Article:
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Saturday, April 13, 2024

Supreme Court Justice Sandra Day O’Connor endured trials of dementia

Dr. Gabe Mirkin

Sandra Day O’Connor was the first woman appointed to serve on the Supreme Court of the United States and was also the first female majority leader of a state senate, as a Republican in Arizona.  She did everything better than her peers and opened doors for women to be successful in professions previously dominated by men.  After serving on the U.S. Supreme Court from 1981 to 2006, she succeeded Henry Kissinger as the chancellor of the College of William & Mary.  In 2009, she was awarded the Presidential Medal of Freedom by President Barack Obama.

On December 1, 2023 she died at age 93 from complications of dementia, a disease that affects three percent of people age 65-74, 17 percent of people age 75-84 and 32 percent of people age 85 or older (Neurology 2013; 80(19): 1778-83).  

Appointed by President Ronald Reagan

A few days after O’Connor’s death, Patti Davis (President Reagan’s daughter) wrote in a memorial article that Sandra O’Connor and Ronald Regan  “. .were two people who were athletic, strong, driven to make a difference in the world . . . both would later be eroded by dementia . . . and both would die from complications of the disease, which always wins in the end (New York Times, December 5, 2023).

O’Connor’s husband, John Jay O’Connor III, developed dementia at age 59 in 1989 and she was a devoted wife who took care of him.  In 2005, she announced that she would resign from the Supreme Court to spend more time taking care of her husband, but by 2006, he was so debilitated by his brain damage that he was unable to even recognize his wife.  She had no choice but to place him in a full-time care facility and he died from the disease at age 79, in 2009.

In love with another dementia patient

O’Connor and her husband had a long, healthy loving relationship, but after he entered a dementia care facility, he fell in love with another demented person. The O’Connors had met in the early 1950s when both were in their early twenties and students at Stanford Law School. She was brilliant and beautiful and had already turned down three offers of marriage, including one from William Rehnquist, who later became chief justice of the U.S. Supreme Court.  Sandra and John married and raised three sons. When her husband was diagnosed with Alzheimer’s disease in 1989, she was such a devoted wife that she took him with her to work at the Supreme Court so she could watch him.  He quickly became helpless and in 2005, she announced that she would resign from the Supreme Court to take care of him.  The next year he was so incapacitated that she had to place him in a full-time memory care facility.  By 2007, John O’Connor was spending time with, and had fallen in love with, a fellow Alzheimer’s patient.  In an interview with Phoenix station KPNX-TV, their son, Scott, told how his mother watched her husband, John, and his new partner sitting together, looking at each other lovingly. He said that his mother was happy that her husband had been able to form this new relationship, and she continued to visit him, even though he was completely unable to recognize her.  Scott said that the family was happy that his father had found rays of contentment in the darkness of his disease.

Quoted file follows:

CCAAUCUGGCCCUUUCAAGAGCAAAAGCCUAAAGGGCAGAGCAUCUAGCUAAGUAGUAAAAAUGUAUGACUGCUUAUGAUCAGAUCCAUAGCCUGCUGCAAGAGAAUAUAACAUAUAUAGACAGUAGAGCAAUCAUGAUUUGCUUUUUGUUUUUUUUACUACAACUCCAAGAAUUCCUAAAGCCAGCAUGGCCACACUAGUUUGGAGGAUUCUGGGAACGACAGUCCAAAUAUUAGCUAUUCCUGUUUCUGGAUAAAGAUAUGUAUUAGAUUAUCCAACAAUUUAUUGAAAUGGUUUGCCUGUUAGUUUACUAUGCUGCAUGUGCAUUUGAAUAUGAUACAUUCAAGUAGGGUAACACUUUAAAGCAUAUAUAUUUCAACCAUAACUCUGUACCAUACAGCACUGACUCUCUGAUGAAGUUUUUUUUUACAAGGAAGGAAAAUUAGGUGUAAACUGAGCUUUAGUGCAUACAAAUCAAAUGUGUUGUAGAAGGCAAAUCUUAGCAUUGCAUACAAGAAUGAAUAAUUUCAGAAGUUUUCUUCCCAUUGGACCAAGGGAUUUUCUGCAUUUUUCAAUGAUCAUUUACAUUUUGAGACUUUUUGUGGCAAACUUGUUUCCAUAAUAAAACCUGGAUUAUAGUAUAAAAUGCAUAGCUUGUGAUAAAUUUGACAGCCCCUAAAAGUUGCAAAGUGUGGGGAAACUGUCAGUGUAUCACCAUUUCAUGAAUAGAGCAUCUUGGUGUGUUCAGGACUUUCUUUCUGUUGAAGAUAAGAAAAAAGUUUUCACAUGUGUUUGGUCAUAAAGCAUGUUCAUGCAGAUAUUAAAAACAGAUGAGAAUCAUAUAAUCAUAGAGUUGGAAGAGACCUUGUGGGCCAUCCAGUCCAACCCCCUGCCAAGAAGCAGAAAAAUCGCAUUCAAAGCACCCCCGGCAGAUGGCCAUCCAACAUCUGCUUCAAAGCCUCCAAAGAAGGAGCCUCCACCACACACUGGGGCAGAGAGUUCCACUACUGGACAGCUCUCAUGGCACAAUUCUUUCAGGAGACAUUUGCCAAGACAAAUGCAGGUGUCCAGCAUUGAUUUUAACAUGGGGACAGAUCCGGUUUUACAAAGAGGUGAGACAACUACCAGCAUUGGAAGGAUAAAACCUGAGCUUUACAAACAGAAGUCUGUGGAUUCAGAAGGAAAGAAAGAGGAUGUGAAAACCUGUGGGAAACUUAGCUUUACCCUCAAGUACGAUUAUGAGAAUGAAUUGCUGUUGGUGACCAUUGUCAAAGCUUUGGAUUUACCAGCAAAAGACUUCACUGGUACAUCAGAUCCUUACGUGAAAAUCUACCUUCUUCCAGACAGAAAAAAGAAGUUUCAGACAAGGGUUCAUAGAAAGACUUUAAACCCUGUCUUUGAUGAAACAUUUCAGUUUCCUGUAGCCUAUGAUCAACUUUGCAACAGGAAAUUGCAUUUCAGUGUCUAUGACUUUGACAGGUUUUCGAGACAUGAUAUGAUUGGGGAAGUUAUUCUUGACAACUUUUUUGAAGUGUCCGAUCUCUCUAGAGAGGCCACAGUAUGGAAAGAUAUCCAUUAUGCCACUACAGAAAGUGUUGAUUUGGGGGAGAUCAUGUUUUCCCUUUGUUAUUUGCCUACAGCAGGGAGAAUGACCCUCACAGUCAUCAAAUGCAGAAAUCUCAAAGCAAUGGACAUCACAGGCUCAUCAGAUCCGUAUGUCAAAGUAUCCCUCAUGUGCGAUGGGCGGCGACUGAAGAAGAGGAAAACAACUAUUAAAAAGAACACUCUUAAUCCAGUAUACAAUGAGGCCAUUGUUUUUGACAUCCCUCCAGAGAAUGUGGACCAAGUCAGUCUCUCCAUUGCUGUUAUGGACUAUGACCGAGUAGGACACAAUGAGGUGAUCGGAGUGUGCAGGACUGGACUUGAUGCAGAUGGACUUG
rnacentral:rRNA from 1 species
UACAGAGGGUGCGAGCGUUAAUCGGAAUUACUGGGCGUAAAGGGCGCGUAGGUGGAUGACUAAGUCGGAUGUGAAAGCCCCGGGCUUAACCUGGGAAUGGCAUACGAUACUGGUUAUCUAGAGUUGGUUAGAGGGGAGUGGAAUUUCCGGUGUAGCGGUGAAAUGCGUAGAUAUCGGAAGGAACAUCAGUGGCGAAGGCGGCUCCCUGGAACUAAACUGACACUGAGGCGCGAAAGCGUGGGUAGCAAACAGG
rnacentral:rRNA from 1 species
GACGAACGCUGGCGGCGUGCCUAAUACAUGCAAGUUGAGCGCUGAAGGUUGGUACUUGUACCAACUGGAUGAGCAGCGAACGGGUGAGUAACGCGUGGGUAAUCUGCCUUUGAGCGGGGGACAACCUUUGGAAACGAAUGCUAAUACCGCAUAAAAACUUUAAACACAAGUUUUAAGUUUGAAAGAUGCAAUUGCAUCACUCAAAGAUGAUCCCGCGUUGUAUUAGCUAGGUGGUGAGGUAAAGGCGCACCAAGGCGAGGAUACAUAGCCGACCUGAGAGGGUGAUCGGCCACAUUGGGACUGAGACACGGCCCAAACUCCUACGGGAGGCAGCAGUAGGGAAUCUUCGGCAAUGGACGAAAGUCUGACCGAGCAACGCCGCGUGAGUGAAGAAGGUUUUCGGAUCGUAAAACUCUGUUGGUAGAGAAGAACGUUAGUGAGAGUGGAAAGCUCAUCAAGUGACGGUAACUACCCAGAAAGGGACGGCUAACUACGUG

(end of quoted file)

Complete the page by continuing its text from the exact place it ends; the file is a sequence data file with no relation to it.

O’Connor’s Own Alzheimer’s Disease

Spouses who care for partners with dementia are six times as likely to also suffer from dementia (J of the American Geriatrics Society. May 4, 2014). O’Connor was always recognized as brilliant and she had finished near the top of her class at both Stanford College and Stanford Law School.   She had been treated successfully for breast cancer at age 58, but otherwise was healthy.  In 2013, at age 83, she started to become forgetful and spoke very little to her friends.  In 2017, she developed back pain that was so severe that she had to use a wheelchair, and she moved to an assisted-living facility.   In 2018, at age 88, she retired from public life and announced that she had been diagnosed with Alzheimer’s-like dementia.  On December 1, 2023, she died at age 93 of advanced dementia and pneumonia. 

Demented Patients Often Fall In Love With Each Other

Aging is a major risk factor for dementia. A patient may not recognize anybody so that the caregiver can suffer every bit as much as the patient and it may become necessary to place the patient in a full-time care center.  When this happens, the patient is exposed to other people far more often than the spouse. 

As the severity of dementia progresses, a person loses their ability to remember their loved ones and everyone else. Demented people who have been married for years stop recognizing their spouses and start to depend on anyone who is nearby. Their spouses watch helplessly as demented patients fall in love with someone else. 

The patient often enters into a close relationship with a demented person of the other sex who was not their previous partner. If the former partner of the dementia patient can understand that loss of memory has obliterated them from the mind of the demented person, the patient and the partner both can benefit from this new relationship.  Having a close relationship, even with another dementia patient, offers support to a person who can’t remember anything (Aging Ment Health. 2012; 16(6): 699–711).

Dr. Gabe Mirkin is a Villager. Learn more at www.drmirkin.com

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